New “Safety Leave”
This provision of WESA, which is effective July 1, 2014, amends Minnesota’s sick leave law to provide that employees may use sick leave provided by their employer for the purpose of “providing or receiving assistance because of sexual assault, domestic abuse, or stalking.”
Employers that provide paid sick leave to their employees should be sure that their policies are updated by July 1 to permit employees to use sick leave for these new purposes.
Wage Disclosure Protections
This provision of WESA, which is effective July 1, 2014, makes it unlawful for an employer to prohibit its employees from disclosing their wages. This law also prohibits an employer from taking “any adverse employment action” against an employee for “disclosing the employee’s own wages or from discussing another employee’s wages which have been disclosed voluntarily.” This provision does not permit employees to disclose other proprietary, trade secret, or other privileged information. WESA provides that violations of this provision may be enforced through a civil action pursuant to Minn. Stat. § 181.944, which makes attorneys’ fees available.
Although much of the conduct prohibited by this provision of WESA is already prohibited by federal labor law, employers should be sure that their policies do not prevent employees from voluntarily discussing or disclosing their wages. Employers also may want to consider defining (with examples) proprietary information, trade secret information and privileged information, so employees understand that this information may not be shared.
Amendments to Nursing Mothers Break Statute
This provision of WESA, which is effective July 1, 2014, amends Minn. Stat. § 181.939 to enlarge the employer’s obligation to provide a separate space for nursing mothers to express milk. Specifically, the new law sets forth that employers must provide nursing mothers with a room or other location, “other than a bathroom or a toilet stall, that is shielded from view and free from intrusion from coworkers and the public and that includes access to an electrical outlet, where the employee can express her milk in privacy.” WESA provides that violations of this provision may be enforced through a civil action pursuant to Minn. Stat. § 181.944, which makes attorneys’ fees available.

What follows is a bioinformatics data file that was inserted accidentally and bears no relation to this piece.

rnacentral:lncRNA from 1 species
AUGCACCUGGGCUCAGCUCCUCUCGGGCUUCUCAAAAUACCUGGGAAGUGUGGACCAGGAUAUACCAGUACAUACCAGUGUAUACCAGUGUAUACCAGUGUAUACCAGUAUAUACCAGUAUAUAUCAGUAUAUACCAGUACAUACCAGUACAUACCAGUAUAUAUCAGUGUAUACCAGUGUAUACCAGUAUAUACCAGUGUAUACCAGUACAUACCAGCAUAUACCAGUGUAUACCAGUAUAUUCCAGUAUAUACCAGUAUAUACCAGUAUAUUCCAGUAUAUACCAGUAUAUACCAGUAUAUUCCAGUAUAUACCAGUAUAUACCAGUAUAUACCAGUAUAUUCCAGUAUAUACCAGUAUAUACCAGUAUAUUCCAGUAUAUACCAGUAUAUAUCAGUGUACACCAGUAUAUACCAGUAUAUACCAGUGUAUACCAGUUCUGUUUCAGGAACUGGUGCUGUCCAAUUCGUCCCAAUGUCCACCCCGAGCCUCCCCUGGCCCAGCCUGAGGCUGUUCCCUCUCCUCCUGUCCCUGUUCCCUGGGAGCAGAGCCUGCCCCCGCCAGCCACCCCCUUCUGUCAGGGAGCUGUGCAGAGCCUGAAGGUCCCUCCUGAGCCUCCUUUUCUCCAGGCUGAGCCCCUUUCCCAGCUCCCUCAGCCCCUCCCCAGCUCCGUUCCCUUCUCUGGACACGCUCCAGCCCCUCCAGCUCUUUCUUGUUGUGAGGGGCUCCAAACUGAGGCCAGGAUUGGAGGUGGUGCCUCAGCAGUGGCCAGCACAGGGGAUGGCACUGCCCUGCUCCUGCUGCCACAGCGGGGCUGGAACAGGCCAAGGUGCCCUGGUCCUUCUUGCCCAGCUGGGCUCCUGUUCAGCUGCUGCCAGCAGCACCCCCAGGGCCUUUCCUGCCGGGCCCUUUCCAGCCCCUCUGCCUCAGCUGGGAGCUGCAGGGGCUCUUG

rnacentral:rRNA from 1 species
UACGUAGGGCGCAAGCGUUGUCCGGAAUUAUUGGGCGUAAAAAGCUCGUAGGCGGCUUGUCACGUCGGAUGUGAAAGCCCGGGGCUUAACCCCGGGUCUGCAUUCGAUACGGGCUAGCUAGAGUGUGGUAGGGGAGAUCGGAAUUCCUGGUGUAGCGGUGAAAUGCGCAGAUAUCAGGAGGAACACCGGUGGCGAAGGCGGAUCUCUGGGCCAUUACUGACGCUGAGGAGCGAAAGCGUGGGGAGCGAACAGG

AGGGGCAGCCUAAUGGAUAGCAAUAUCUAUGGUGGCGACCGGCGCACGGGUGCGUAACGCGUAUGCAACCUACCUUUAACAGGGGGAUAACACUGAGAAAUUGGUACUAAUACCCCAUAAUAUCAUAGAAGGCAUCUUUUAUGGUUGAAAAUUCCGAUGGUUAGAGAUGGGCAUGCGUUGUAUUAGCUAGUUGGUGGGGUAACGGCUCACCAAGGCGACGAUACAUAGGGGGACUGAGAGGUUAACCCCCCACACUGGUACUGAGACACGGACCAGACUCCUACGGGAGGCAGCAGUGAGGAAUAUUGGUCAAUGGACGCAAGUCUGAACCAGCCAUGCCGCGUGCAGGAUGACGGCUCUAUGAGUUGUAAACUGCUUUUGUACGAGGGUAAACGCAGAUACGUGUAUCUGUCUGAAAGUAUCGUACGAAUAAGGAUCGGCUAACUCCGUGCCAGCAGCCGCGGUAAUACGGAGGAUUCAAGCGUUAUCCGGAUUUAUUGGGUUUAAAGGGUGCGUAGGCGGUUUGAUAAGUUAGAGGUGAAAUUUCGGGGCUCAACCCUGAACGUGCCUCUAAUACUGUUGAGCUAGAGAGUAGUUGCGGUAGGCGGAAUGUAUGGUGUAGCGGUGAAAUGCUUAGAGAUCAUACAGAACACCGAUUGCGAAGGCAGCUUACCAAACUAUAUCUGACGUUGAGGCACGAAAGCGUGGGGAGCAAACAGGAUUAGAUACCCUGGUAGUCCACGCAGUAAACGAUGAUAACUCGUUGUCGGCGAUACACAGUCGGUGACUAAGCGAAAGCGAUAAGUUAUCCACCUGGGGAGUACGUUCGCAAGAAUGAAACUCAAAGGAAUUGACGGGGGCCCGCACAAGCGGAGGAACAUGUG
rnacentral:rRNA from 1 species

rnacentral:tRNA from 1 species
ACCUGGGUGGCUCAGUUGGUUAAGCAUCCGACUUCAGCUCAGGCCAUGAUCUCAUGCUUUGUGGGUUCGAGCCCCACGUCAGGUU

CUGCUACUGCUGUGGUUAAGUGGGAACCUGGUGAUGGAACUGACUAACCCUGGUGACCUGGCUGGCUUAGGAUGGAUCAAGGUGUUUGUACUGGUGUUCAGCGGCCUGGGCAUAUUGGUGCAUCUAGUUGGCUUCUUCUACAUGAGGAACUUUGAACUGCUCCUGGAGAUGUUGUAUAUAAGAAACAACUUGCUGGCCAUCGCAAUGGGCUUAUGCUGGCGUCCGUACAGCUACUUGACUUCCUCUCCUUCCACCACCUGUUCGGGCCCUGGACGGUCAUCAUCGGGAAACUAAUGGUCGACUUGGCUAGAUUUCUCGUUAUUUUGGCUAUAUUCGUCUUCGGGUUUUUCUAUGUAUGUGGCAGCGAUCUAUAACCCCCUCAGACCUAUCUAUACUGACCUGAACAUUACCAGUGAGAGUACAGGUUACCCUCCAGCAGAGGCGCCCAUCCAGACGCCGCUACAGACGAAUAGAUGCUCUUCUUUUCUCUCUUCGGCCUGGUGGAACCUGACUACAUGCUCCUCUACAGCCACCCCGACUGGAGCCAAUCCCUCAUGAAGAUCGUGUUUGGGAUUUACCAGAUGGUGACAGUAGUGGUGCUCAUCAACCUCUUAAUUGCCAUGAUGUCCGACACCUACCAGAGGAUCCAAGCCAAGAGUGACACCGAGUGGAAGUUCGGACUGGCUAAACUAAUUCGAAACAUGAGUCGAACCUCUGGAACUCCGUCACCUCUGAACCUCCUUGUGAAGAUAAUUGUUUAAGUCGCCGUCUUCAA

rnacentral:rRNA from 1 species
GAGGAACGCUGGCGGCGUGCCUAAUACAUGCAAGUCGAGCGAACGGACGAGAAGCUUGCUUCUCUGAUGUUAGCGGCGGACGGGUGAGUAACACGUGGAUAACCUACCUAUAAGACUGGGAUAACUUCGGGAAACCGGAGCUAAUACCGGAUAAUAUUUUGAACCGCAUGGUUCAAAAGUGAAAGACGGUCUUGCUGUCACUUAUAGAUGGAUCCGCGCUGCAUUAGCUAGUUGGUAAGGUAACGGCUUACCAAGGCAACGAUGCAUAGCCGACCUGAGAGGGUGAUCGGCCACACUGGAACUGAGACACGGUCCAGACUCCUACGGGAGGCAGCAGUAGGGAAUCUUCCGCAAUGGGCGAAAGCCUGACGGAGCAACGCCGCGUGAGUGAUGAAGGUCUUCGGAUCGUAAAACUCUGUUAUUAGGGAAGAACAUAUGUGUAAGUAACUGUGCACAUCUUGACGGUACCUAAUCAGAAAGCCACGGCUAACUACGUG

Employers should be sure that their policies and practices relating to providing nursing mothers with breaks to express milk are updated by July 1 in order to comply with the specific requirements set forth in WESA.
Equal Pay Certificates for Certain State Contractors
This provision of WESA, which is effective August 1, 2014, provides that, with certain exceptions, businesses with more than 40 employees seeking contracts of at least $500,000 with the state must first obtain an “equal pay certificate of compliance” in order to do business with the state. This provision also provides that the state may audit the business’s pay practices at any time to ensure that they are in compliance with equal pay laws.
Employers with state contracts should begin assessing whether they are covered by this provision and how they will obtain the certificate.
As you can see, employers have to begin taking action now to update their policies and procedures to comply with the provisions of WESA. Employers should not hesitate to contact any of the attorneys in Felhaber Larson’s Labor & Employment Group with compliance-related questions.
We will continue to monitor this issue as is develops.